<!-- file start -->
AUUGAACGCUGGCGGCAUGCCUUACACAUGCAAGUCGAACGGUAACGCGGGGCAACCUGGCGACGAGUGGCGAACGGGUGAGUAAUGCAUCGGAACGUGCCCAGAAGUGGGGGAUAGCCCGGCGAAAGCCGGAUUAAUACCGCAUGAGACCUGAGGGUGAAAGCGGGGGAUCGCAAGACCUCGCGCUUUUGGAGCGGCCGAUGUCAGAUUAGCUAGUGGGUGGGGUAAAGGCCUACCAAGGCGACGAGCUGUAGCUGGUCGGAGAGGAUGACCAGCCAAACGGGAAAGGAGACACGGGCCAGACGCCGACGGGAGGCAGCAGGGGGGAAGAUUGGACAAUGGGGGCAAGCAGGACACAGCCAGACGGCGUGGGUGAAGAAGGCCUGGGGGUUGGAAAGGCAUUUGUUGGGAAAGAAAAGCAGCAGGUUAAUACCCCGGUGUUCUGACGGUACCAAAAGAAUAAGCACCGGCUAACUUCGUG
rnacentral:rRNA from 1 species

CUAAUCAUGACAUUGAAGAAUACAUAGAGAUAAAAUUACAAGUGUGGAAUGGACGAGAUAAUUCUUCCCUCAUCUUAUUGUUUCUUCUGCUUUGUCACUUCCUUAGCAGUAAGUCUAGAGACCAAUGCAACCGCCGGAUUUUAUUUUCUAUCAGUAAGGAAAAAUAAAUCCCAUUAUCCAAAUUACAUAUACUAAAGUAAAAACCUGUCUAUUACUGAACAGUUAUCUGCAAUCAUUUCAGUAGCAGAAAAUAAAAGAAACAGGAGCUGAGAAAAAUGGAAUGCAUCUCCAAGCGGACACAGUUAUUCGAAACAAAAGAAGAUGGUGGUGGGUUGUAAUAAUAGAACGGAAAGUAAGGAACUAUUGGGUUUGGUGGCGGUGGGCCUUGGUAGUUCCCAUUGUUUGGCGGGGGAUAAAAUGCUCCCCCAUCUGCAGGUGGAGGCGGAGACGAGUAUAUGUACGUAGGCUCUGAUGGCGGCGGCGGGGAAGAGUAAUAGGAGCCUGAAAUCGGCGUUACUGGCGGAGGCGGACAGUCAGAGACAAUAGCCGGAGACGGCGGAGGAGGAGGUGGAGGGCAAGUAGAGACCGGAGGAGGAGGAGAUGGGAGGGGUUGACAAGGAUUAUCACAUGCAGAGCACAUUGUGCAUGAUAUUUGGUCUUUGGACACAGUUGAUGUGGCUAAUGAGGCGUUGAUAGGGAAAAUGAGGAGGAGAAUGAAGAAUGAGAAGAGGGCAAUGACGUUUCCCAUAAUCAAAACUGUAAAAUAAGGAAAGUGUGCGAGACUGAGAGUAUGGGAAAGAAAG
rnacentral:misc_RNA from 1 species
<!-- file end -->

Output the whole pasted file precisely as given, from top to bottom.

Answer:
AUUGAACGCUGGCGGCAUGCCUUACACAUGCAAGUCGAACGGUAACGCGGGGCAACCUGGCGACGAGUGGCGAACGGGUGAGUAAUGCAUCGGAACGUGCCCAGAAGUGGGGGAUAGCCCGGCGAAAGCCGGAUUAAUACCGCAUGAGACCUGAGGGUGAAAGCGGGGGAUCGCAAGACCUCGCGCUUUUGGAGCGGCCGAUGUCAGAUUAGCUAGUGGGUGGGGUAAAGGCCUACCAAGGCGACGAGCUGUAGCUGGUCGGAGAGGAUGACCAGCCAAACGGGAAAGGAGACACGGGCCAGACGCCGACGGGAGGCAGCAGGGGGGAAGAUUGGACAAUGGGGGCAAGCAGGACACAGCCAGACGGCGUGGGUGAAGAAGGCCUGGGGGUUGGAAAGGCAUUUGUUGGGAAAGAAAAGCAGCAGGUUAAUACCCCGGUGUUCUGACGGUACCAAAAGAAUAAGCACCGGCUAACUUCGUG
rnacentral:rRNA from 1 species

CUAAUCAUGACAUUGAAGAAUACAUAGAGAUAAAAUUACAAGUGUGGAAUGGACGAGAUAAUUCUUCCCUCAUCUUAUUGUUUCUUCUGCUUUGUCACUUCCUUAGCAGUAAGUCUAGAGACCAAUGCAACCGCCGGAUUUUAUUUUCUAUCAGUAAGGAAAAAUAAAUCCCAUUAUCCAAAUUACAUAUACUAAAGUAAAAACCUGUCUAUUACUGAACAGUUAUCUGCAAUCAUUUCAGUAGCAGAAAAUAAAAGAAACAGGAGCUGAGAAAAAUGGAAUGCAUCUCCAAGCGGACACAGUUAUUCGAAACAAAAGAAGAUGGUGGUGGGUUGUAAUAAUAGAACGGAAAGUAAGGAACUAUUGGGUUUGGUGGCGGUGGGCCUUGGUAGUUCCCAUUGUUUGGCGGGGGAUAAAAUGCUCCCCCAUCUGCAGGUGGAGGCGGAGACGAGUAUAUGUACGUAGGCUCUGAUGGCGGCGGCGGGGAAGAGUAAUAGGAGCCUGAAAUCGGCGUUACUGGCGGAGGCGGACAGUCAGAGACAAUAGCCGGAGACGGCGGAGGAGGAGGUGGAGGGCAAGUAGAGACCGGAGGAGGAGGAGAUGGGAGGGGUUGACAAGGAUUAUCACAUGCAGAGCACAUUGUGCAUGAUAUUUGGUCUUUGGACACAGUUGAUGUGGCUAAUGAGGCGUUGAUAGGGAAAAUGAGGAGGAGAAUGAAGAAUGAGAAGAGGGCAAUGACGUUUCCCAUAAUCAAAACUGUAAAAUAAGGAAAGUGUGCGAGACUGAGAGUAUGGGAAAGAAAG
rnacentral:misc_RNA from 1 species